From School Library Journal
Gr 5-7-When Stanley Potts's Uncle Ernie takes his fish-canning business in a new, inhumane direction, the orphaned boy decides to leave the home his relatives made for him and join a traveling carnival of Gypsies. With the guidance of the hook-a-duck booth proprietor Dostoyevsky, Stan finds success tending the goldfish prizes and forms a tentative friendship with the boss's prickly daughter, Nitasha, who broods over the desertion of her ballerina mother. Big news is the arrival of famous Pancho Pirelli, who swims in a tank with piranhas. Pirelli is convinced that Stan is destined to be his successor and sets about teaching him to dive, to overcome fear, and to find faith in himself. Meanwhile, as Stan settles into his new life, back home Uncle Ernie and Aunt Annie are distraught over his disappearance and plagued by DAFT, the Departmint for the Abolishun of Fishy Things. Setting out to find him, they unintentionally lead DAFT to the carnival, where mayhem ensues. Master storyteller Almond combines delicious wordplay, zany antics, wacky characters, and a bit of magical realism in a novel that touches the heart. Quick-paced, accessible, and enhanced by stylized cartoonlike drawings, this book is sure to be enjoyed by fans of humorous, quirky stories.-Marie Orlando, formerly at Suffolk Cooperative Library System, Bellport, NYα(c) Copyright 2013. Library Journals LLC, a wholly owned subsidiary of Media Source, Inc. No redistribution permitted.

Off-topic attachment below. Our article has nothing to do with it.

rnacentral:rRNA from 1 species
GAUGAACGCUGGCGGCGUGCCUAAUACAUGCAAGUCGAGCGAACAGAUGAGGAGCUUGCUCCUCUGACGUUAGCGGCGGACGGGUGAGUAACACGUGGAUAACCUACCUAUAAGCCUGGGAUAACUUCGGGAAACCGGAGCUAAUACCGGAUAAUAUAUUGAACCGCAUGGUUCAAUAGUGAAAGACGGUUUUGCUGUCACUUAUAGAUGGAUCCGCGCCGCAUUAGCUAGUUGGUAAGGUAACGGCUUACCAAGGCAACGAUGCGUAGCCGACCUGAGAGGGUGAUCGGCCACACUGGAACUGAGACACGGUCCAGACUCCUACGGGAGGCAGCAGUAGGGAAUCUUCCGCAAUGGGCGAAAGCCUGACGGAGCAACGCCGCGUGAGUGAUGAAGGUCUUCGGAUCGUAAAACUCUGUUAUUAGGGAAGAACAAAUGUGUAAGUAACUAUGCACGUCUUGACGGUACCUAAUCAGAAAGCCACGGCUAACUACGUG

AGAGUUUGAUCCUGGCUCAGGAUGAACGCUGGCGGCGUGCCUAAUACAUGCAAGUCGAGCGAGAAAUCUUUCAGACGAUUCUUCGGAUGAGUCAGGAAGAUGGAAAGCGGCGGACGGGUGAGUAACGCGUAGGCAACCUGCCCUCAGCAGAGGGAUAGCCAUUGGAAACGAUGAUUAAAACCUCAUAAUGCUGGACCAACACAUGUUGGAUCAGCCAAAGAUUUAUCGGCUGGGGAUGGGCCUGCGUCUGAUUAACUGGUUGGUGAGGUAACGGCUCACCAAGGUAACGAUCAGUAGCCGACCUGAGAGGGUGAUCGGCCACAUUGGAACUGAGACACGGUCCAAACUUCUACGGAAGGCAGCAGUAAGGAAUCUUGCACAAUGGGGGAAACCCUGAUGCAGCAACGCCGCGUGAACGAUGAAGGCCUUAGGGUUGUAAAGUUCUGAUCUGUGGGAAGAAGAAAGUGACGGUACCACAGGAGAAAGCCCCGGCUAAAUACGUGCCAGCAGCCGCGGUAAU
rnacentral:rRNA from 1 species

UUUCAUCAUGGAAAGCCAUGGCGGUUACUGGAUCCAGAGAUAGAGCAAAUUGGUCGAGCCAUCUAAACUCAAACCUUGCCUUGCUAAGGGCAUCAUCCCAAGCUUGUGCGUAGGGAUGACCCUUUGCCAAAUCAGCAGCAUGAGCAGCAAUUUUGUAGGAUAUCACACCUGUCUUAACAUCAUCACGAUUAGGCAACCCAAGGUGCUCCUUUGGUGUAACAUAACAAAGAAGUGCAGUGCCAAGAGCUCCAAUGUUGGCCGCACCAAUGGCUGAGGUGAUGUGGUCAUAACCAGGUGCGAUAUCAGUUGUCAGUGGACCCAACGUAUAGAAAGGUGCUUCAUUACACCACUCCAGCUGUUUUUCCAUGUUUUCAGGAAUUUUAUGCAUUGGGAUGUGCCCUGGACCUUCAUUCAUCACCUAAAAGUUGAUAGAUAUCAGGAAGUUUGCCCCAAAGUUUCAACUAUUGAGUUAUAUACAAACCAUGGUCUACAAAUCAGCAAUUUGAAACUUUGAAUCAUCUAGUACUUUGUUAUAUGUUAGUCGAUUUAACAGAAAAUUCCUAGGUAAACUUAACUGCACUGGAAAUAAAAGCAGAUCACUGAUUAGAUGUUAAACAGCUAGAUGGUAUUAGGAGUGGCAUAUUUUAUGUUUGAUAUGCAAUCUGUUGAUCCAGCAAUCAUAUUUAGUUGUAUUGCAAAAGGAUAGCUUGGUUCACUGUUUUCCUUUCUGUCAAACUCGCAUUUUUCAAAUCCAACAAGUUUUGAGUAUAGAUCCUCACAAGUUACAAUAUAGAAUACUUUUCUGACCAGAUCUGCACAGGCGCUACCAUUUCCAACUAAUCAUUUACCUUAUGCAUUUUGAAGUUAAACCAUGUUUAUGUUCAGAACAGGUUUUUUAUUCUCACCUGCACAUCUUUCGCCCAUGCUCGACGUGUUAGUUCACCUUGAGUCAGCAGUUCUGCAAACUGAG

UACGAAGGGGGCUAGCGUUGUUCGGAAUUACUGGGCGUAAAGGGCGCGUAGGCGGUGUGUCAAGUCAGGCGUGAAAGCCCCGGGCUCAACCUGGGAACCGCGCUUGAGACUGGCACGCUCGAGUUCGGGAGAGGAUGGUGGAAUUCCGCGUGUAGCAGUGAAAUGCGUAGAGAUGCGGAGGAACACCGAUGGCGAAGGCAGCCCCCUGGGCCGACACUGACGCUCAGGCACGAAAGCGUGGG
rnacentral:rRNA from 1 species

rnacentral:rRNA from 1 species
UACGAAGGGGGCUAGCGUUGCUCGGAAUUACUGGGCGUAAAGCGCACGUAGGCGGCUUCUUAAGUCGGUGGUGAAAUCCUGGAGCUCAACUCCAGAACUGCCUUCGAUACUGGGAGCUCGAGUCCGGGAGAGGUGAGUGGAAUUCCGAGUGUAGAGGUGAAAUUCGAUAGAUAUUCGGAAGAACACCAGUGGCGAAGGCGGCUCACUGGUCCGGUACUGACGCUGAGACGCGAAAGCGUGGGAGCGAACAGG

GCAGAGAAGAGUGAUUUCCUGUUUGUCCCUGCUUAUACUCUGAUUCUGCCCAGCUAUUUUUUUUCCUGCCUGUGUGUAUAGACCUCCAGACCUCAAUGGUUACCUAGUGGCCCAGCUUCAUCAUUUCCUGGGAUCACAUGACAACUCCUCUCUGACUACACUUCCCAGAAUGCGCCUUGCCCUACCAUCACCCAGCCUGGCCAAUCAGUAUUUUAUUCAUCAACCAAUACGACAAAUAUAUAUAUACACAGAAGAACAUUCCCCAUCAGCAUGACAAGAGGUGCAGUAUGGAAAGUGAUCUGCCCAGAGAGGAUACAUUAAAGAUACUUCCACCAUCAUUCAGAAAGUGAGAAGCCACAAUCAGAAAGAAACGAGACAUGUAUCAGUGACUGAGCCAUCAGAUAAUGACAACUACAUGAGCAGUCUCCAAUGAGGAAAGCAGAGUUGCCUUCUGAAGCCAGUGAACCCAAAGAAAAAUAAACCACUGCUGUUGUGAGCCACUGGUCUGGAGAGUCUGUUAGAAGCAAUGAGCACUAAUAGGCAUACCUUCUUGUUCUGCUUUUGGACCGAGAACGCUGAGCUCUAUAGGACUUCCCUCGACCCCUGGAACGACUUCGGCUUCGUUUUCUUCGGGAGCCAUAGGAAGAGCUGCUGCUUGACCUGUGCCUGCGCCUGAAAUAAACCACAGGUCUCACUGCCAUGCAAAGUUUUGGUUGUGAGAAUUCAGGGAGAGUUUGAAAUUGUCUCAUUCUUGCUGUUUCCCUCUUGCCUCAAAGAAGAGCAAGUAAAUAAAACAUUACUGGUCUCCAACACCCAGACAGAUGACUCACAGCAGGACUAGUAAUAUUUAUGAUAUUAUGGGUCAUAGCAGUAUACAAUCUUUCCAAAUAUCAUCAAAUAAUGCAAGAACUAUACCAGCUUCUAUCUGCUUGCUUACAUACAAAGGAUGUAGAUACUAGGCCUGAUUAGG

*Starred Review* Dahl meets J. K., flavored with a soupçon of Choose Your Own Adventure, but in the end, this novel is all pure, sweet Almond. Stanley Potts has lost his parents, but his Aunt Annie and Uncle Ernest have ably stepped in. Then Uncle Ernest goes fish crazy, making a fortune by canning fish in the living room. Stanley is on board until his beloved goldfish get tinned, and he takes off. After joining a carnival, he lives with Mr. Doestesky, the hook-a-duck operator, and his daughter, Nitasha, who has been abandoned by her mother and wishes to become the world’s ugliest, fattest bearded lady. Stanley seems an ordinary boy, but those who come in contact with him sense his purity and goodness. So, when Pancho Pirelli appears to perform his great act in which he swims in a tank of piranhas, it’s no surprise that he recognizes Stanley as his successor. As with most everything Almond writes, there is the story on paper and then all that churns over and around it. This is as much a meditation on chance, choice, and destiny, as it is a frolicsome tale of a boy who runs away for a circuslike life. In the subtlest ways possible, Almond masterfully makes young readers understand this, and they will be delighted that life lessons can be administered so deliciously. Simple pencil drawings illustrate. HIGH-DEMAND BACKSTORY: Almond is one of the finest writers for young people working today, which makes anything he writes something to look forward to. Grades 4-6. --Ilene Cooper